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“Help Me!”

A sermon preached at Kowloon Union Church on Sunday 17 August 2014 by the Rev. Judy Chan. The scripture readings that day were Isaiah 56: 1,6-8; Romans 11: 1-2a, 29-32; Matthew 15: 21-28


Today’s Gospel reading is a strange story. It’s troubling to readers because it has Jesus doing and saying things that seem so unlike what we expect from him. Jesus – the champion of women; Jesus – the healer of the sick; Jesus – who had harsh words for religious leaders and those who abused the poor, but never to the suffering and marginalized.

That’s why the story in Matthew 15 puzzles us. Even though it has a happy ending, it seems the Canaanite woman has to endure insults to get what she wants from Jesus. She has to figure out how to outwit him to get help for her sick daughter. So why is this story in the Bible? What are we supposed to learn?

Let’s take a look at the story at face value.

Jesus and his disciples are in or near a region called Tyre and Sidon. This is no longer Jewish territory. It’s an area where non-Jews or Gentiles live, in other words pagan territory. As they go along, a woman from that region comes out. She starts shouting to Jesus, ‘Lord, have mercy! My daughter is tormented by a demon!’ The daughter was possibly suffering from what we know as epilepsy or mental illness today. We’re not sure, but whatever it was, it was a terrible affliction. So what was Jesus’ response? Nothing. No answer. He seems to be ignoring her.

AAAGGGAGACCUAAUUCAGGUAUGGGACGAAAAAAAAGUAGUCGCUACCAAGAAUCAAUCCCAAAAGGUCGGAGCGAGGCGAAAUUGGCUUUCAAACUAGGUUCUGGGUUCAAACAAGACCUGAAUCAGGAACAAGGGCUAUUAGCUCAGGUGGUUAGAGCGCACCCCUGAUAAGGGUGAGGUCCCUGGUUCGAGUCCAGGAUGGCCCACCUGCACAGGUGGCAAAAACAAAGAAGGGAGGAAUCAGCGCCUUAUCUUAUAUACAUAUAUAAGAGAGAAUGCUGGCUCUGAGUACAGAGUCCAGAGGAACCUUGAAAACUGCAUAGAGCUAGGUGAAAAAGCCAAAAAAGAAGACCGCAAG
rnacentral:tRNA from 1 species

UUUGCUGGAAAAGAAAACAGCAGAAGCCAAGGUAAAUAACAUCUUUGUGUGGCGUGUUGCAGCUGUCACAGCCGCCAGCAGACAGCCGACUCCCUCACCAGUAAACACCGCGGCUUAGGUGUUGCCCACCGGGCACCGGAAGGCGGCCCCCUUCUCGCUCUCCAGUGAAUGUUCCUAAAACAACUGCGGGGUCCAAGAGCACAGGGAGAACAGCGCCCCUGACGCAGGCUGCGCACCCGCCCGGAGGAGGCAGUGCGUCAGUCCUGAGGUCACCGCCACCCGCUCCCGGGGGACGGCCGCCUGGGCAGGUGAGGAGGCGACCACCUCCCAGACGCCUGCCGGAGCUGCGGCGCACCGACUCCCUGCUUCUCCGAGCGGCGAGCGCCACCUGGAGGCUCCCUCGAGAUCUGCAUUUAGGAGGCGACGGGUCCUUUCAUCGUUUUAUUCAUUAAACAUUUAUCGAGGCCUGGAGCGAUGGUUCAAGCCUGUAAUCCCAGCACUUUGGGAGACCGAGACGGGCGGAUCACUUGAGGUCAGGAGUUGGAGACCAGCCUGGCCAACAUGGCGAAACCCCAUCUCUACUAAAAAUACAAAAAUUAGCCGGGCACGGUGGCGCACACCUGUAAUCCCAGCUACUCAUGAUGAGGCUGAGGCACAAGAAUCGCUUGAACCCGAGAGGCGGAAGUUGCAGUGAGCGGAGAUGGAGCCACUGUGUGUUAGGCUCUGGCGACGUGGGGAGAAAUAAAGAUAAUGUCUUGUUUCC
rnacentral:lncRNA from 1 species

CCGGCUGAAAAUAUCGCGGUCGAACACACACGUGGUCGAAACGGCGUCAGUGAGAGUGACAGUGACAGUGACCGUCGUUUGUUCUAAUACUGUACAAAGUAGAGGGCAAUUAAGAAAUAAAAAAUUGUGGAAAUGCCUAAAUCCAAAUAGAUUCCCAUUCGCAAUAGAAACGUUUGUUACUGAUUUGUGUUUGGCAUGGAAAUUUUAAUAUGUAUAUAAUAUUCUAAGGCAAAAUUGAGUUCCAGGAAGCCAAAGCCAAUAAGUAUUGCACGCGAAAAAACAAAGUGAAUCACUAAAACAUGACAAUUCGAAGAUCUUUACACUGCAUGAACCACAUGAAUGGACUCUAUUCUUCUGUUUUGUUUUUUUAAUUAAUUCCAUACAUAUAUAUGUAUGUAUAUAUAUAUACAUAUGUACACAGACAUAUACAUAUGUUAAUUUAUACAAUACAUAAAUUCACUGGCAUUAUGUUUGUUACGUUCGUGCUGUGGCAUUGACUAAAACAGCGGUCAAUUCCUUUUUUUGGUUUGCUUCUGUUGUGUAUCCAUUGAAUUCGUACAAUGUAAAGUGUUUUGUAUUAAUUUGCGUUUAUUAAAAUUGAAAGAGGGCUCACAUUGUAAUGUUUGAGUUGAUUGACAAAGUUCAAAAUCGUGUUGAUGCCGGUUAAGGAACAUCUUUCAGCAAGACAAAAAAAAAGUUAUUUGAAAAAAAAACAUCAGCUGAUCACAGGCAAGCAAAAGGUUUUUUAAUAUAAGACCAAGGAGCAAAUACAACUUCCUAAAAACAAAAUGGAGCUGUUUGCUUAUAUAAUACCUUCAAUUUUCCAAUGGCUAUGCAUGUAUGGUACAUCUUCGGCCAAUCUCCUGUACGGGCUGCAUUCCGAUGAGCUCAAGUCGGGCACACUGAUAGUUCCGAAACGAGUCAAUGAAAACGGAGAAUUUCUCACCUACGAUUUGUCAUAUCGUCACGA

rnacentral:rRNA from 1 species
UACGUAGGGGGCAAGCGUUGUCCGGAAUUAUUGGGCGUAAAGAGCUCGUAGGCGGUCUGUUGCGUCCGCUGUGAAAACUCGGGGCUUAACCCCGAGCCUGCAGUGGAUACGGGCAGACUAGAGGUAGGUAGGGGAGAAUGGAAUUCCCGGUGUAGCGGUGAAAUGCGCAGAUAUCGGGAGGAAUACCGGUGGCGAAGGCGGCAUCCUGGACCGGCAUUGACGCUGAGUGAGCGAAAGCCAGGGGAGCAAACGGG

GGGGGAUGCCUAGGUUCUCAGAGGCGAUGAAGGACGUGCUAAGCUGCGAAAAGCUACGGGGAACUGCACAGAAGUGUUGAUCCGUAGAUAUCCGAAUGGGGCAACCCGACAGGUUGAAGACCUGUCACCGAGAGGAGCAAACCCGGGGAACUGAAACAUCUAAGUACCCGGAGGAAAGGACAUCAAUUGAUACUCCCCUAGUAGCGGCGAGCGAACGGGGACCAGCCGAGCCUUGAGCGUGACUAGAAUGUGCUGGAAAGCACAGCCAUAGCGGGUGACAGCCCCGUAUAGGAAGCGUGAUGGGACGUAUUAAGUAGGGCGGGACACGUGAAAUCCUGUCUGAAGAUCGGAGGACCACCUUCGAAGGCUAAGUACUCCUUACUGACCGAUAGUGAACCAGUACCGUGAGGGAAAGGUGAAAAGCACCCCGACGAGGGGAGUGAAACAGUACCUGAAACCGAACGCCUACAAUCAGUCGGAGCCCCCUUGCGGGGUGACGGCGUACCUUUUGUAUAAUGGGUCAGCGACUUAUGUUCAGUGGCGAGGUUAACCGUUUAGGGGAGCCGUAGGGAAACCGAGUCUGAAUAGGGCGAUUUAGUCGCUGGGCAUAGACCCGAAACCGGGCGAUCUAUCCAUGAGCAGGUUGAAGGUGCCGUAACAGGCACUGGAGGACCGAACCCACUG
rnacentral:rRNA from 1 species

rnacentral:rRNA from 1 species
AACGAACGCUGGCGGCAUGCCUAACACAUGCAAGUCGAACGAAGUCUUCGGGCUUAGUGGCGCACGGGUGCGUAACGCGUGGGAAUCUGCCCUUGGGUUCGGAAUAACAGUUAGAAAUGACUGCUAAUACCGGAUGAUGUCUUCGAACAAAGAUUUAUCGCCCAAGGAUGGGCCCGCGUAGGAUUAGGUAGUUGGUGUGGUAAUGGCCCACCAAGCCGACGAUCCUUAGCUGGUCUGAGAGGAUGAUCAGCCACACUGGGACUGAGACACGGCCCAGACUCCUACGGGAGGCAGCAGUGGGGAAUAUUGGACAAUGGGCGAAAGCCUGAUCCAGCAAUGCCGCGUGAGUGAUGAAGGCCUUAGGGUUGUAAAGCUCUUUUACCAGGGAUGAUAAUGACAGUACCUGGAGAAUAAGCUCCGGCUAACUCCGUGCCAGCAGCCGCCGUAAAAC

Then the disciples come into the picture. “Send this troublesome woman away,” they plead. The New Revised Standard Version gives the impression that the disciples just want Jesus to brush her off. However, there are different ways to read the Greek text. They could also be saying ‘Just give her what she wants so she’ll leave us alone.’ That’s how the New Jerusalem Bible translates it. Have you ever done that? Given a beggar what they wanted so they’ll go away?

I think it’s likely that the disciples were asking him to heal her daughter to shut her up, because look at what Jesus says next: “I was sent only to the lost sheep of the house of Israel.” In other words, I can’t do it. My first priority is to our own people. This might seem odd, given Jesus had healed a Roman centurion’s servant earlier in Matthew Chapter 8. The centurion was also a Gentile, not a Jew, and we suppose his servant was a gentile too.

But this gentile woman gets nothing. So, she drops to her knees and begs him, “Please help me!” At this point, you would think anybody with an ounce of compassion would do what he could. And how does Jesus respond? “It’s not fair to take the children’s food and throw it to the dogs.” That’s right. He’s saying this foreigner and her people are dogs. In that time and culture, being called a dog was not a compliment. In other words, why should I take what is needed for God’s chosen and give it to people like you?